Review of CXC Branded Floss
Less expensive than DMC, is it worth the money?
- Price Comparison per Skein
- Color Comparison
- Coverage Comparison
- Thread Handling
- Environmental Concerns
- How to Order
Although the image of cross-stitching may be one of “home needlework” and thrift, it can quickly become an expensive hobby (especially for us “serial starters”) so it is always good to discover another way to make your crafting budget go a little further. DMC is an established company that has quality product and it has also over time become standard in the market with regards to chart designers and kits - pretty much every pattern uses the codes and colors that they define. However it is becoming more and more pricey kitting up a large full-coverage chart, especially if you are in Europe or Australia and many people are not aware that there are other options out there. One increasingly popular option is CXC branded floss that is made in China.
There seems to be a lot of curiosity along with no small amount of scaremongering and misinformation on Facebook groups regarding CXC and other cheaper brands, coincidentally though this often seems to originate from groups associated with stores that sell DMC based kits ! hmmm. However, the people who actually just stitch really seem to love CXC and highly recommend it, so when you hear someone claiming it is not a quality thread, not color-fast or any other “reason” make sure you are aware of their possible motivations. This is a common tactic within the IT industry to spread “FUD” about competitors to put people off using them - fear, uncertainty and doubt, stick with what you know … keep paying us.
But let me be clear, this article is in no way meant to discourage people from using DMC, at the end of the day it is all personal choice and many people will prefer to stick with a tried trusted company such as DMC or Anchor and they are very accessible with distribution channels through many large-name and local stores but it is always good to consider your options and have the extra information especially when on a budget or kitting up a large project. After all, few of us can really ignore what could be a difference of $20 vs $220 to purchase the floss alone for a single project!
Here I am going to do a comparison of a few brands and a review of my first experience stitching with CXC compared to DMC and I will also document washing a sample show that they are indeed also color-fast
CXC is a soft poly-cotton mix/blend - it is noticeably thicker and softer to handle than DMC. The CXC uses the same numbering convention as DMC but will sometimes only have one large label with the number on which looks very similar to a DMC number label. In other batches you may find the CXC skein with two labels this is the exact same thread. I’ve been told the two label skeins are from newer batches.
Here are some close up photos of the labels to help identify the brands
CXC Skein one label
CXC Skein two labels
Picture credit Cindi Cscraze
No-name generic brand (that typically comes in multi-packs if you don’t specify CXC)
Note that DMC also includes a dye-lot code as well as the main thread code (792 above). If you are bothered about buying a fully matching set of skeins you should consider checking those when purchasing.
Price Comparison per Skein
So how do the prices compare? The following are all in USD:
- CXC - $0.08
- No-name generic - usually comes in a “random pack” that has various brands included $0.08
- Royal - $0.20
- Rosace - $0.38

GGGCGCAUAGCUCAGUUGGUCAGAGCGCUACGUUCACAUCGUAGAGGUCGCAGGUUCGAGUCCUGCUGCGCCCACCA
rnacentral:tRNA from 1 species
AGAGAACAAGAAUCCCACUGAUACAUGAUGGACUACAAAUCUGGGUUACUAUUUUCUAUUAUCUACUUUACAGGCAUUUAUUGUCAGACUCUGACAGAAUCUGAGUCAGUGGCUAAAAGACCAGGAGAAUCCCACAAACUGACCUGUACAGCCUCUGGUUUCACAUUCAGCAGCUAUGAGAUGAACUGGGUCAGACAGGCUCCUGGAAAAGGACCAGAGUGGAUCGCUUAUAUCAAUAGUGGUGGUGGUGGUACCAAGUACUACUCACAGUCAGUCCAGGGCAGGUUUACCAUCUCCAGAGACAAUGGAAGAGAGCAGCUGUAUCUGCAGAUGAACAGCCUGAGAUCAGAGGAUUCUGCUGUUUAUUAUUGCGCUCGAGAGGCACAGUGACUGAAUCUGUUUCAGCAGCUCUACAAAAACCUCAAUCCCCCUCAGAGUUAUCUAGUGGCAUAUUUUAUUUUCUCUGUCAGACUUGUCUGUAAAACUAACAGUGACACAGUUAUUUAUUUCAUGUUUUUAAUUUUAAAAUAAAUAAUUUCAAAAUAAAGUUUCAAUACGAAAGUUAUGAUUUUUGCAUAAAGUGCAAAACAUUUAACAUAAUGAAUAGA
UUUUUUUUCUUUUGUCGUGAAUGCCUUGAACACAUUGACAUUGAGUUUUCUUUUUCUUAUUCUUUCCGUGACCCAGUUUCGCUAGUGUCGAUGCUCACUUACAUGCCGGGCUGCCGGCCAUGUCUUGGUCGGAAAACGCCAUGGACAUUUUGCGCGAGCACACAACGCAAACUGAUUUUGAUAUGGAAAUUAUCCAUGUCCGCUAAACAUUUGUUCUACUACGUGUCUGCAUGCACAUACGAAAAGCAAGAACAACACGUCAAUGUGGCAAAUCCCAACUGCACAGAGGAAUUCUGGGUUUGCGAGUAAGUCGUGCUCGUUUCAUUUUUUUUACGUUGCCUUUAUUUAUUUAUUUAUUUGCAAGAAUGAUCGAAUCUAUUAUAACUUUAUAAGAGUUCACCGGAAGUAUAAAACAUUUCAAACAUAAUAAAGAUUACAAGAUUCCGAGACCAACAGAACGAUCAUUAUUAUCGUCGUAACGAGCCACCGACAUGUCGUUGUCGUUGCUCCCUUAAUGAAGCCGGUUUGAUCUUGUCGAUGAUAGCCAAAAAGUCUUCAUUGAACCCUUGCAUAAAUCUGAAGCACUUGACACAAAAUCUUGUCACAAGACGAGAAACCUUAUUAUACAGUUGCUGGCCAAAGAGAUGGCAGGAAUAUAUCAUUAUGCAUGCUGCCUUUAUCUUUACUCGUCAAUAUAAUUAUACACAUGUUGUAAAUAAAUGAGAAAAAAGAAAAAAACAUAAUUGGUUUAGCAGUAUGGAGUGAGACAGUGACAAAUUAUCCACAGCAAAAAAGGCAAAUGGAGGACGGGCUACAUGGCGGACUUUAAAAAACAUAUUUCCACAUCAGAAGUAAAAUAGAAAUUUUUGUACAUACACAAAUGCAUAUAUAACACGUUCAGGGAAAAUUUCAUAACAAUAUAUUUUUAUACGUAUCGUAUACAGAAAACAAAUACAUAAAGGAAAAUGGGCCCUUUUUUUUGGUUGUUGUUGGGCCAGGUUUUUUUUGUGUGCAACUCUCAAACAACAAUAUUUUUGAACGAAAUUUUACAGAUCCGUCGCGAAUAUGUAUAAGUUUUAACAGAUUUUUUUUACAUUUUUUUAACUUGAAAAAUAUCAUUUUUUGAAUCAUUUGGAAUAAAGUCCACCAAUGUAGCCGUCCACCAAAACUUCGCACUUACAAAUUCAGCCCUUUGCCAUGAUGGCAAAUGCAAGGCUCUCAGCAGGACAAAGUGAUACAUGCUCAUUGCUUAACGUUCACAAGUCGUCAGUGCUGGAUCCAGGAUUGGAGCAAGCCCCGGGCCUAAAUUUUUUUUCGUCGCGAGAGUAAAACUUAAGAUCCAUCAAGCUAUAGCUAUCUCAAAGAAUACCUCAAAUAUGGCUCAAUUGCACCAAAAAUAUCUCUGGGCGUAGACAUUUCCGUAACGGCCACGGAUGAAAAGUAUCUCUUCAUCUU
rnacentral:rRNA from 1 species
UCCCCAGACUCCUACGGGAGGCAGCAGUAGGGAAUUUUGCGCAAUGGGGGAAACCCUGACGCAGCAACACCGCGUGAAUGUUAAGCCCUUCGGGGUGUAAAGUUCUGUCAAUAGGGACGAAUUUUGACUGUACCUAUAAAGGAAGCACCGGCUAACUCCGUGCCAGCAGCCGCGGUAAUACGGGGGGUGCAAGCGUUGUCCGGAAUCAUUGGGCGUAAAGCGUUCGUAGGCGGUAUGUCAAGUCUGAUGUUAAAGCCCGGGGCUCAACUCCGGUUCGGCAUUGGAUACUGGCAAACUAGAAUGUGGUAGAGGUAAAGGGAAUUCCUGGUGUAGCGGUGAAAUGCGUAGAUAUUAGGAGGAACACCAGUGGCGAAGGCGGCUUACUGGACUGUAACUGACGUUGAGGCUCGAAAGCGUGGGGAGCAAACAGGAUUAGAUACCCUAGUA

- DMC - $0.52 123 Stitch - $0.73 DMC website
The difference between buying a full set of 489 DMC skeins is $255 USD on DMC’s website vs approx $36 USD for a full set of 447 CXC from AliExpress sellers. CXC don’t yet have the 35 new DMC colors (but then neither do most stores at the time of writing!). DMC also seem slightly confused about how many colors they actually sell - we’ll write about that in a future article.
The great thing about these brands is it is not huge risk or investment to try them out. You could start with a small batch for around $5 - $10 and go from there.
Left DMC, middle CXC, right No-name generic
With this particular color I can see a slight variance between the DMC and the other brands but I don’t think it is that significant and as long as you didn’t change brands in the middle of a solid block of color it wouldn’t make much difference at all. The DMC color is brighter / more saturated whereas the others are more purplish by comparison (but check the coverage images below - the difference becomes less noticeable). Also, as you’ll see with other images below, you can see this same variation even between different dye-lots of DMC color.
Left is CXC (with two labels), middle is Rosace, right is DMC
Picture credit Cindi Cscraze
As you can see from the photo above CXC and DMC look pretty much identical, the Rosace in the middle is ever-so-slightly different but hardly noticeable - probably the kind of variance that you could see anyway between dye batches of DMC, see picture below (and also the differences between the palettes of many cross-stitch charting applications). Again as long as you didn’t switch brands in the middle of a solid block of color this wouldn’t really matter. One thing I have seen mentioned about the Rosace thread though is that it tends to fray more than CXC and DMC.
DMC skeins with color variance between dye lots
Picture credit Cindi Cscraze
Ultimately, we’re talking about very slight variations between the brands but there are many other differences such as the palette that apps use to generate patterns and how colors are matched. The threads fall well within the range of what you’d expect for the codes.
I currently have CXC, the no-name generic that comes in the mix brand pack and DMC for the comparison but I hope to add to this later with other samples. I decided to use 16 count for the samples as coverage is can be more of an issue on the lower counts of fabric.
After completing the samples below it is clear that both CXC and the no-name generic brand actually give better coverage than DMC. I actually only stitched up-to 3 strands as it was so much thicker to use than the DMC, it is almost like you are using an extra strand. This alone can make it cheaper still as your thread will last longer if you are not using as many strands together when stitching.
DMC, CXC, no-name generic
One thing to note is that when the samples are stitched the slight color variance is much less noticeable